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Pain. 2007 Mar;128(1-2):169-79. Epub 2006 Dec 11.

Lamotrigine for treatment of pain associated with diabetic neuropathy: results of two randomized, double-blind, placebo-controlled studies.

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  • 1Diabetes Institute, Eastern Virginia Medical School, 855 West Bramdleton, Norfolk, VA 23510, USA. vinikai@evms.edu <vinikai@evms.edu>

Abstract

To assess the efficacy and tolerability of lamotrigine in pain associated with diabetic neuropathy, two replicate randomized, double-blind, placebo-controlled studies were conducted. Patients (n=360 per study) with painful diabetic neuropathy were randomized to receive lamotrigine 200, 300, or 400 mg daily or placebo during the 19-week treatment phase, including a 7-week dose-escalation phase and a 12-week, fixed-dose maintenance phase. The mean reduction in pain-intensity score from baseline to week 19 (primary endpoint) was greater (p < or = 0.05) in patients receiving lamotrigine 400 mg than placebo in Study 2 (observed scores, -2.7 versus -1.6 on a 0- to 10-point scale). This finding was not replicated in Study 1. Lamotrigine 200 and 300 mg did not significantly differ from placebo at week 19 in either study. Lamotrigine 300 and 400 mg were only occasionally more effective than placebo for secondary efficacy endpoints. The 200-mg dose did not separate from placebo. In a post hoc analysis of pooled data including only patients who reached their target dose, lamotrigine 400 mg conferred greater (p0.05) mean reduction in pain-intensity score from baseline to week 19 than placebo (-2.5 for 300 mg and -2.7 for 400mg versus -2.0 for placebo). Adverse events were reported in 71-82% of lamotrigine-treated patients compared with 63-70% of placebo-treated patients. The most common adverse events with lamotrigine were headache and rash. Compared with placebo, lamotrigine (300 and 400 mg daily) was inconsistently effective for pain associated with diabetic neuropathy but was generally safe and well tolerated.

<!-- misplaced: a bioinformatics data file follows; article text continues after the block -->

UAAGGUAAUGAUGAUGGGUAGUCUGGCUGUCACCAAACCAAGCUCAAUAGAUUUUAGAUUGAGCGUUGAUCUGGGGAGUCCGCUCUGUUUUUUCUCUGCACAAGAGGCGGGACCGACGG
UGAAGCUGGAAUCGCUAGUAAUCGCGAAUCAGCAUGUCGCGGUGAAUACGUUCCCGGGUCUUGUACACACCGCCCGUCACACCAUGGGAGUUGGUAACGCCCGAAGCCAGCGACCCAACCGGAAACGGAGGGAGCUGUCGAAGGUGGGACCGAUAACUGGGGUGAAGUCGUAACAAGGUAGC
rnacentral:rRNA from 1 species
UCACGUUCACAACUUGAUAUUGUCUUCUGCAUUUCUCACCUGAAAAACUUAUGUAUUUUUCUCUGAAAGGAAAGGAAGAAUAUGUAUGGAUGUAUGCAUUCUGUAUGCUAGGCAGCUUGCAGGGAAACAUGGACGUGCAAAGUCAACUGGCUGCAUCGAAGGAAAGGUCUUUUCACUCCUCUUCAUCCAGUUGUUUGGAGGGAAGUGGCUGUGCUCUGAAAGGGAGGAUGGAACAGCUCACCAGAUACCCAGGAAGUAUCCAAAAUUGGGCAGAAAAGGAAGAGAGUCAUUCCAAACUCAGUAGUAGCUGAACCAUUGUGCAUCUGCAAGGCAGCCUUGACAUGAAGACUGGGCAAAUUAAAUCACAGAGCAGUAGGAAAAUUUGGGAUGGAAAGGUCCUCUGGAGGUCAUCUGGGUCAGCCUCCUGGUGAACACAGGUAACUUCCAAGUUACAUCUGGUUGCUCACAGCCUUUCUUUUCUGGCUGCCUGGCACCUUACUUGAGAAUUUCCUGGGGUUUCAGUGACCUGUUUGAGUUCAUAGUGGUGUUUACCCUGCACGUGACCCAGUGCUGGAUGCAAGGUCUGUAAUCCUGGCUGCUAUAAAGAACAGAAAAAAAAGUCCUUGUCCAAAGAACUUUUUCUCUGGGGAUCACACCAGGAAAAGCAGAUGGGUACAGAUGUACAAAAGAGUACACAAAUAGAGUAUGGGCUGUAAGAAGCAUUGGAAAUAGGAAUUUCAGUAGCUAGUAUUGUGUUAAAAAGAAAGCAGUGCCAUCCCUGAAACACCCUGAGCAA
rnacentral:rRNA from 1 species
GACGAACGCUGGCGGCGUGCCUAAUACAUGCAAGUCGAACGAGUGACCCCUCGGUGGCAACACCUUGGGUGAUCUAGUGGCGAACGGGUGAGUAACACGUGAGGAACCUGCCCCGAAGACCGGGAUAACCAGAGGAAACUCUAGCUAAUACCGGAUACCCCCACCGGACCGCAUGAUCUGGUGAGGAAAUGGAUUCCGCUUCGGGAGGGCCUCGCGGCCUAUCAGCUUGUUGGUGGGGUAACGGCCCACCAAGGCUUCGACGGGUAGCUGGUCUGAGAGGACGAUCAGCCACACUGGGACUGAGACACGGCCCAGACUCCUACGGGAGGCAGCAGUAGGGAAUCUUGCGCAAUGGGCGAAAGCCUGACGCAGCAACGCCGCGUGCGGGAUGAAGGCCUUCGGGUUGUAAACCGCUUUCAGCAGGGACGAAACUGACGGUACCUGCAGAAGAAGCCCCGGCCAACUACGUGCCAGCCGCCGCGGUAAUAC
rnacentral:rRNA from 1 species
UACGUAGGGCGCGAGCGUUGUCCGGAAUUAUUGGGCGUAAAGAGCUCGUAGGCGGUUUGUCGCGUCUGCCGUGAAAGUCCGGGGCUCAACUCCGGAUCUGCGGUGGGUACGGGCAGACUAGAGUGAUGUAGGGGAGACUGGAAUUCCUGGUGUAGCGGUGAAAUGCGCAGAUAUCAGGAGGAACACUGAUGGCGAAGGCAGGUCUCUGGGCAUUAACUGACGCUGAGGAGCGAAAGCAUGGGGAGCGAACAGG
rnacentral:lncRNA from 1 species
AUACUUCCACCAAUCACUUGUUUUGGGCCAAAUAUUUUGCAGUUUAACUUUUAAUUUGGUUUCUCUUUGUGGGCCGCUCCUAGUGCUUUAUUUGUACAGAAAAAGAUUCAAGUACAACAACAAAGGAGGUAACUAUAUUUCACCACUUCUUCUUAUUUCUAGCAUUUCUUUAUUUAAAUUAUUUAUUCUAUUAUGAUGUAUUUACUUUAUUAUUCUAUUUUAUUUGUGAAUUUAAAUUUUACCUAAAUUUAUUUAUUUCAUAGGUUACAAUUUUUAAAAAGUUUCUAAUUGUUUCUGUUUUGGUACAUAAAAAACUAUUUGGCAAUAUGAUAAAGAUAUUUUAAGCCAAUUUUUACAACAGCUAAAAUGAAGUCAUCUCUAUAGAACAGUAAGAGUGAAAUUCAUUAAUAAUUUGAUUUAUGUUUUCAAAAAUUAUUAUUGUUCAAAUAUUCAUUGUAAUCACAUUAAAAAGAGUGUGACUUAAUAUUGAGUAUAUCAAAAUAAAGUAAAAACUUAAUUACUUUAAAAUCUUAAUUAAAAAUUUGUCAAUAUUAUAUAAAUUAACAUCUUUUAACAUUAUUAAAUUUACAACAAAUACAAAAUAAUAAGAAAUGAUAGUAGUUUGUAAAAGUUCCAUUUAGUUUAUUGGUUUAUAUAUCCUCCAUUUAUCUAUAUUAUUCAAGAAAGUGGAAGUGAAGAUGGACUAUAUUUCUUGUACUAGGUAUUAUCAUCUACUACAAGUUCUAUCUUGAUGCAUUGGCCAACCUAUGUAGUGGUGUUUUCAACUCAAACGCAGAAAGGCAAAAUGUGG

PMID:
17161535
[PubMed - indexed for MEDLINE]
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